The Art 404 exhibition design class designed the exhibit Bareedina: Women of Oromia, based on their art history professor’s dissertation. Dr. Peri Klemm traveled to Ethiopia as a graduate student to conduct research for her dissertation. The question turned out to be why women who were so poor spent so much time and energy on the arts of the body, which included hairstyles, tattoos, dress, jewelry and generally the ensemble of things that make up body art.
“The Oromo are the ethnic majority within Ethiopia but they have lived under Ethiopian imperial rule,” Klemm said. “It is within this context, where issues of identity are crucial, that women’s costume in Oromia becomes especially important.”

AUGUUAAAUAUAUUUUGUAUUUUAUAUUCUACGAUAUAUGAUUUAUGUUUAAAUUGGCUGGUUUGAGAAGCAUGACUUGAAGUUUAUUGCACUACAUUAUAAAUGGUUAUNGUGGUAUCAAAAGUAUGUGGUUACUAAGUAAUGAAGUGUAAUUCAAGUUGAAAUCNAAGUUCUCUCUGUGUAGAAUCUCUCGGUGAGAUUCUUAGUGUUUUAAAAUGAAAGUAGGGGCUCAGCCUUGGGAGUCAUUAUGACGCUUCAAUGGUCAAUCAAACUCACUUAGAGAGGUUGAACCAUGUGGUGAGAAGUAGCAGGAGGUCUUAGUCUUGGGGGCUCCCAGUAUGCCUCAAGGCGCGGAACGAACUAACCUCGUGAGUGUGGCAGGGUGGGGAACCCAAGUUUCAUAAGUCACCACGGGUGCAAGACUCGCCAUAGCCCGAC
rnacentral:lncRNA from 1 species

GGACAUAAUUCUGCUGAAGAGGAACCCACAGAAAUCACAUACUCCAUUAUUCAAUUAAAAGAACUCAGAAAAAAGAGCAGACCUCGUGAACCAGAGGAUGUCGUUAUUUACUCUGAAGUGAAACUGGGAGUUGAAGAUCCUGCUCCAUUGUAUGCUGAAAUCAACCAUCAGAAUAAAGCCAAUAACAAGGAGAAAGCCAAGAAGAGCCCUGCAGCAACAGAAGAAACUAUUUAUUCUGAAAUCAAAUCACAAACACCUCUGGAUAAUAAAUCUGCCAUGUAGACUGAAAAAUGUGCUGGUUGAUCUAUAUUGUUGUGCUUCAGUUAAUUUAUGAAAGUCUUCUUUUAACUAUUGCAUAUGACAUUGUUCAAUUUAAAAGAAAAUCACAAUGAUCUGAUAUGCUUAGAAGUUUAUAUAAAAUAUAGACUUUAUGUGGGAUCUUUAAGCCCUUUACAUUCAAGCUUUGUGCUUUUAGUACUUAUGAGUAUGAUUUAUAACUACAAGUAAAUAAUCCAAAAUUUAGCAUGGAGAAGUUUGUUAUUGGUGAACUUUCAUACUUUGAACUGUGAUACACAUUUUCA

In the Afaan Oromo language, Bareedina refers to the state of being beautiful, Klemm said. “I realized that for an Oromian woman, her personal arts are very important for a variety of reasons,” Klemm said. “They communicate something about her age, her religion, her occupation, what political affiliation she holds and most importantly her identity as an Oromio.”
Klemm added that it’s through language, culture and art that they maintain a sense of themselves. “Women’s bodies become a really important canvas for Oromo identity and Oromo expression,” Klemm said. She said she took the photos in the exhibit to document what women are doing with their bodies. Joan Klemm, Peri’s aunt, said she thought the photographs are beautiful.
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